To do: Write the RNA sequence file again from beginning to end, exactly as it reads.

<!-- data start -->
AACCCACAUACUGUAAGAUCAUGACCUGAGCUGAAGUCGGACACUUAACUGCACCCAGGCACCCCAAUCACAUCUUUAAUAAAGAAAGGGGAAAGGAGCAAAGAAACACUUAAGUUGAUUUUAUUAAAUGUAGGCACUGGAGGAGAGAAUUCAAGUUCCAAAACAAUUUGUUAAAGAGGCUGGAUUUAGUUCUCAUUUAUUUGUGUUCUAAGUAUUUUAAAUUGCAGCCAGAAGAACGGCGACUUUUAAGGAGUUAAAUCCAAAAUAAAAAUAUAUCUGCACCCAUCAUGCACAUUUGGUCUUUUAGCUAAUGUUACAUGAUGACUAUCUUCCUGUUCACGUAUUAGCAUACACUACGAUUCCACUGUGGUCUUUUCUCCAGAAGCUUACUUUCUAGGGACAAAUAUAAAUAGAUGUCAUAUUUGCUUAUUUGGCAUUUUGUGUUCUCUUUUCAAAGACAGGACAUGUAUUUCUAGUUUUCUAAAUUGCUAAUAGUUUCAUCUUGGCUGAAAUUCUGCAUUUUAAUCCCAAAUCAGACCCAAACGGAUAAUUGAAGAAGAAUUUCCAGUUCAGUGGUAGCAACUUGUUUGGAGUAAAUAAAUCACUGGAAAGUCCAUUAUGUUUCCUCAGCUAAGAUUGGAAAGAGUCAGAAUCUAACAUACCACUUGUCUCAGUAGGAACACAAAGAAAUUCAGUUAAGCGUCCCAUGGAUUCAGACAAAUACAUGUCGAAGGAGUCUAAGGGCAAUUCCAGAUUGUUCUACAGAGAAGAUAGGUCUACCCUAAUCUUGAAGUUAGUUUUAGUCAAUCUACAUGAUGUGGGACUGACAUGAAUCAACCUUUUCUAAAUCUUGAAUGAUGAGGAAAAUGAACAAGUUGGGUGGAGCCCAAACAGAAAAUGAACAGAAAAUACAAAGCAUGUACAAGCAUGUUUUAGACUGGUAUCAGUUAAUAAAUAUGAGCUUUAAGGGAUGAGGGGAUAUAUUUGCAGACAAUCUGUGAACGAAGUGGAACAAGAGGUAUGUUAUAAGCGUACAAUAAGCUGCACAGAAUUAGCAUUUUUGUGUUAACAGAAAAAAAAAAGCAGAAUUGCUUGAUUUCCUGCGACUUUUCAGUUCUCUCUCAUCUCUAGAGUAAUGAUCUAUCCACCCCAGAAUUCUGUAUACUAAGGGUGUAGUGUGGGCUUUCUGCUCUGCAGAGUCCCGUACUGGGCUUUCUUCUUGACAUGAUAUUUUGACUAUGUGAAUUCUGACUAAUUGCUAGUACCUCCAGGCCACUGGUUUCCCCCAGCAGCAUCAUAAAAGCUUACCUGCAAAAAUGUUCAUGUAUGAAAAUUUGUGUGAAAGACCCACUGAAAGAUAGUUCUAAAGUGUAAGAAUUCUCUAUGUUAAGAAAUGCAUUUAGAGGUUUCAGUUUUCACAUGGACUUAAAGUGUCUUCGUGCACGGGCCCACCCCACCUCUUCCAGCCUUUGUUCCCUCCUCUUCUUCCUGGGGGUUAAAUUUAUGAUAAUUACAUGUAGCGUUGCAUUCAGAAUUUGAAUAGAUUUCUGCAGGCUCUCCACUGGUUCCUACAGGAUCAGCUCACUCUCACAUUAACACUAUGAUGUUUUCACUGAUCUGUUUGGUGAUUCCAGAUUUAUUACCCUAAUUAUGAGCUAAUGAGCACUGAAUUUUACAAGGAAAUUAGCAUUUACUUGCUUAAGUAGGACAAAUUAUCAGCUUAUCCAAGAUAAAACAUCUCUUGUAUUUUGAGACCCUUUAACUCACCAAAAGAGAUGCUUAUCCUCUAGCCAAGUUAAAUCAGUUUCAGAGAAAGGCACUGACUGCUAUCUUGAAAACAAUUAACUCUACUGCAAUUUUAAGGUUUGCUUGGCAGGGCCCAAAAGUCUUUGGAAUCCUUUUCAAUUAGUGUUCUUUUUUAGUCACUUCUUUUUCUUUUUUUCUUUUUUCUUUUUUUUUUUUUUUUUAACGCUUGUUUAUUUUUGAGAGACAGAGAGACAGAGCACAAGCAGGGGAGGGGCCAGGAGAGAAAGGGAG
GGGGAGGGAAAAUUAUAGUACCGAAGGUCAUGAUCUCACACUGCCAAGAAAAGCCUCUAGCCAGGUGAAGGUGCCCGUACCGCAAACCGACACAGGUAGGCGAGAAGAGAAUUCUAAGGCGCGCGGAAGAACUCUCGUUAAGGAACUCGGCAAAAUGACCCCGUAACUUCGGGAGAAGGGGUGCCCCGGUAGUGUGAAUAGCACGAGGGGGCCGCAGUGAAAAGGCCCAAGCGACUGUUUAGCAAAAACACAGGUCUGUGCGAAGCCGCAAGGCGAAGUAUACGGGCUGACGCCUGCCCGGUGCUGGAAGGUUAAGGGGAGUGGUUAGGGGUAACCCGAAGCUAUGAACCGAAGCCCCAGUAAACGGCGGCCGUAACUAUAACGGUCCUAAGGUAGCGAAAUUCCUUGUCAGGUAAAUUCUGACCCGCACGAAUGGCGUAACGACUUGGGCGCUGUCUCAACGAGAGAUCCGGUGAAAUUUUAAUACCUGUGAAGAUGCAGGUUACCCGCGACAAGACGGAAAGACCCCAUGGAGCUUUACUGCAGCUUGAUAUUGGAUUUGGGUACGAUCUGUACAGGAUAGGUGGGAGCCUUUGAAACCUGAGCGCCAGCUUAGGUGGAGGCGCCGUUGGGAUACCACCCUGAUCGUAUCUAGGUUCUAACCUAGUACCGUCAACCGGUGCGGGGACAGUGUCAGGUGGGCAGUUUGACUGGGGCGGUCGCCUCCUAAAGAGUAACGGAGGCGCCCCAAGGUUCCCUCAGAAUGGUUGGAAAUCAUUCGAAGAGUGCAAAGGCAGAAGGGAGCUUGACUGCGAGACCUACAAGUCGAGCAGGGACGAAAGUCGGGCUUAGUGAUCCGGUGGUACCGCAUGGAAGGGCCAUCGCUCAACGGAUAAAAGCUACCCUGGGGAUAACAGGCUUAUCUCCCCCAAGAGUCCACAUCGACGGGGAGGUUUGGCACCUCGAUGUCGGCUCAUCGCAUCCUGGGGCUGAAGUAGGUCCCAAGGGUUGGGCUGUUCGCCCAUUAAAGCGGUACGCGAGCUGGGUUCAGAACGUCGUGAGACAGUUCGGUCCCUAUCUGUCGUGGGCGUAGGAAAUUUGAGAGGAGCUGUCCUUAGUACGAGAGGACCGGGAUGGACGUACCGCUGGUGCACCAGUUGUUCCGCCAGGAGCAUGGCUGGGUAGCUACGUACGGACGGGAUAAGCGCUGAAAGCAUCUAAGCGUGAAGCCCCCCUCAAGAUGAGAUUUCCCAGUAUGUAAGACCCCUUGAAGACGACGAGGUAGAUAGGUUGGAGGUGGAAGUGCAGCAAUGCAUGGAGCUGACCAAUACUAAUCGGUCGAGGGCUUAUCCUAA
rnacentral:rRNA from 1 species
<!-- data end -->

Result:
AACCCACAUACUGUAAGAUCAUGACCUGAGCUGAAGUCGGACACUUAACUGCACCCAGGCACCCCAAUCACAUCUUUAAUAAAGAAAGGGGAAAGGAGCAAAGAAACACUUAAGUUGAUUUUAUUAAAUGUAGGCACUGGAGGAGAGAAUUCAAGUUCCAAAACAAUUUGUUAAAGAGGCUGGAUUUAGUUCUCAUUUAUUUGUGUUCUAAGUAUUUUAAAUUGCAGCCAGAAGAACGGCGACUUUUAAGGAGUUAAAUCCAAAAUAAAAAUAUAUCUGCACCCAUCAUGCACAUUUGGUCUUUUAGCUAAUGUUACAUGAUGACUAUCUUCCUGUUCACGUAUUAGCAUACACUACGAUUCCACUGUGGUCUUUUCUCCAGAAGCUUACUUUCUAGGGACAAAUAUAAAUAGAUGUCAUAUUUGCUUAUUUGGCAUUUUGUGUUCUCUUUUCAAAGACAGGACAUGUAUUUCUAGUUUUCUAAAUUGCUAAUAGUUUCAUCUUGGCUGAAAUUCUGCAUUUUAAUCCCAAAUCAGACCCAAACGGAUAAUUGAAGAAGAAUUUCCAGUUCAGUGGUAGCAACUUGUUUGGAGUAAAUAAAUCACUGGAAAGUCCAUUAUGUUUCCUCAGCUAAGAUUGGAAAGAGUCAGAAUCUAACAUACCACUUGUCUCAGUAGGAACACAAAGAAAUUCAGUUAAGCGUCCCAUGGAUUCAGACAAAUACAUGUCGAAGGAGUCUAAGGGCAAUUCCAGAUUGUUCUACAGAGAAGAUAGGUCUACCCUAAUCUUGAAGUUAGUUUUAGUCAAUCUACAUGAUGUGGGACUGACAUGAAUCAACCUUUUCUAAAUCUUGAAUGAUGAGGAAAAUGAACAAGUUGGGUGGAGCCCAAACAGAAAAUGAACAGAAAAUACAAAGCAUGUACAAGCAUGUUUUAGACUGGUAUCAGUUAAUAAAUAUGAGCUUUAAGGGAUGAGGGGAUAUAUUUGCAGACAAUCUGUGAACGAAGUGGAACAAGAGGUAUGUUAUAAGCGUACAAUAAGCUGCACAGAAUUAGCAUUUUUGUGUUAACAGAAAAAAAAAAGCAGAAUUGCUUGAUUUCCUGCGACUUUUCAGUUCUCUCUCAUCUCUAGAGUAAUGAUCUAUCCACCCCAGAAUUCUGUAUACUAAGGGUGUAGUGUGGGCUUUCUGCUCUGCAGAGUCCCGUACUGGGCUUUCUUCUUGACAUGAUAUUUUGACUAUGUGAAUUCUGACUAAUUGCUAGUACCUCCAGGCCACUGGUUUCCCCCAGCAGCAUCAUAAAAGCUUACCUGCAAAAAUGUUCAUGUAUGAAAAUUUGUGUGAAAGACCCACUGAAAGAUAGUUCUAAAGUGUAAGAAUUCUCUAUGUUAAGAAAUGCAUUUAGAGGUUUCAGUUUUCACAUGGACUUAAAGUGUCUUCGUGCACGGGCCCACCCCACCUCUUCCAGCCUUUGUUCCCUCCUCUUCUUCCUGGGGGUUAAAUUUAUGAUAAUUACAUGUAGCGUUGCAUUCAGAAUUUGAAUAGAUUUCUGCAGGCUCUCCACUGGUUCCUACAGGAUCAGCUCACUCUCACAUUAACACUAUGAUGUUUUCACUGAUCUGUUUGGUGAUUCCAGAUUUAUUACCCUAAUUAUGAGCUAAUGAGCACUGAAUUUUACAAGGAAAUUAGCAUUUACUUGCUUAAGUAGGACAAAUUAUCAGCUUAUCCAAGAUAAAACAUCUCUUGUAUUUUGAGACCCUUUAACUCACCAAAAGAGAUGCUUAUCCUCUAGCCAAGUUAAAUCAGUUUCAGAGAAAGGCACUGACUGCUAUCUUGAAAACAAUUAACUCUACUGCAAUUUUAAGGUUUGCUUGGCAGGGCCCAAAAGUCUUUGGAAUCCUUUUCAAUUAGUGUUCUUUUUUAGUCACUUCUUUUUCUUUUUUUCUUUUUUCUUUUUUUUUUUUUUUUUAACGCUUGUUUAUUUUUGAGAGACAGAGAGACAGAGCACAAGCAGGGGAGGGGCCAGGAGAGAAAGGGAG
GGGGAGGGAAAAUUAUAGUACCGAAGGUCAUGAUCUCACACUGCCAAGAAAAGCCUCUAGCCAGGUGAAGGUGCCCGUACCGCAAACCGACACAGGUAGGCGAGAAGAGAAUUCUAAGGCGCGCGGAAGAACUCUCGUUAAGGAACUCGGCAAAAUGACCCCGUAACUUCGGGAGAAGGGGUGCCCCGGUAGUGUGAAUAGCACGAGGGGGCCGCAGUGAAAAGGCCCAAGCGACUGUUUAGCAAAAACACAGGUCUGUGCGAAGCCGCAAGGCGAAGUAUACGGGCUGACGCCUGCCCGGUGCUGGAAGGUUAAGGGGAGUGGUUAGGGGUAACCCGAAGCUAUGAACCGAAGCCCCAGUAAACGGCGGCCGUAACUAUAACGGUCCUAAGGUAGCGAAAUUCCUUGUCAGGUAAAUUCUGACCCGCACGAAUGGCGUAACGACUUGGGCGCUGUCUCAACGAGAGAUCCGGUGAAAUUUUAAUACCUGUGAAGAUGCAGGUUACCCGCGACAAGACGGAAAGACCCCAUGGAGCUUUACUGCAGCUUGAUAUUGGAUUUGGGUACGAUCUGUACAGGAUAGGUGGGAGCCUUUGAAACCUGAGCGCCAGCUUAGGUGGAGGCGCCGUUGGGAUACCACCCUGAUCGUAUCUAGGUUCUAACCUAGUACCGUCAACCGGUGCGGGGACAGUGUCAGGUGGGCAGUUUGACUGGGGCGGUCGCCUCCUAAAGAGUAACGGAGGCGCCCCAAGGUUCCCUCAGAAUGGUUGGAAAUCAUUCGAAGAGUGCAAAGGCAGAAGGGAGCUUGACUGCGAGACCUACAAGUCGAGCAGGGACGAAAGUCGGGCUUAGUGAUCCGGUGGUACCGCAUGGAAGGGCCAUCGCUCAACGGAUAAAAGCUACCCUGGGGAUAACAGGCUUAUCUCCCCCAAGAGUCCACAUCGACGGGGAGGUUUGGCACCUCGAUGUCGGCUCAUCGCAUCCUGGGGCUGAAGUAGGUCCCAAGGGUUGGGCUGUUCGCCCAUUAAAGCGGUACGCGAGCUGGGUUCAGAACGUCGUGAGACAGUUCGGUCCCUAUCUGUCGUGGGCGUAGGAAAUUUGAGAGGAGCUGUCCUUAGUACGAGAGGACCGGGAUGGACGUACCGCUGGUGCACCAGUUGUUCCGCCAGGAGCAUGGCUGGGUAGCUACGUACGGACGGGAUAAGCGCUGAAAGCAUCUAAGCGUGAAGCCCCCCUCAAGAUGAGAUUUCCCAGUAUGUAAGACCCCUUGAAGACGACGAGGUAGAUAGGUUGGAGGUGGAAGUGCAGCAAUGCAUGGAGCUGACCAAUACUAAUCGGUCGAGGGCUUAUCCUAA
rnacentral:rRNA from 1 species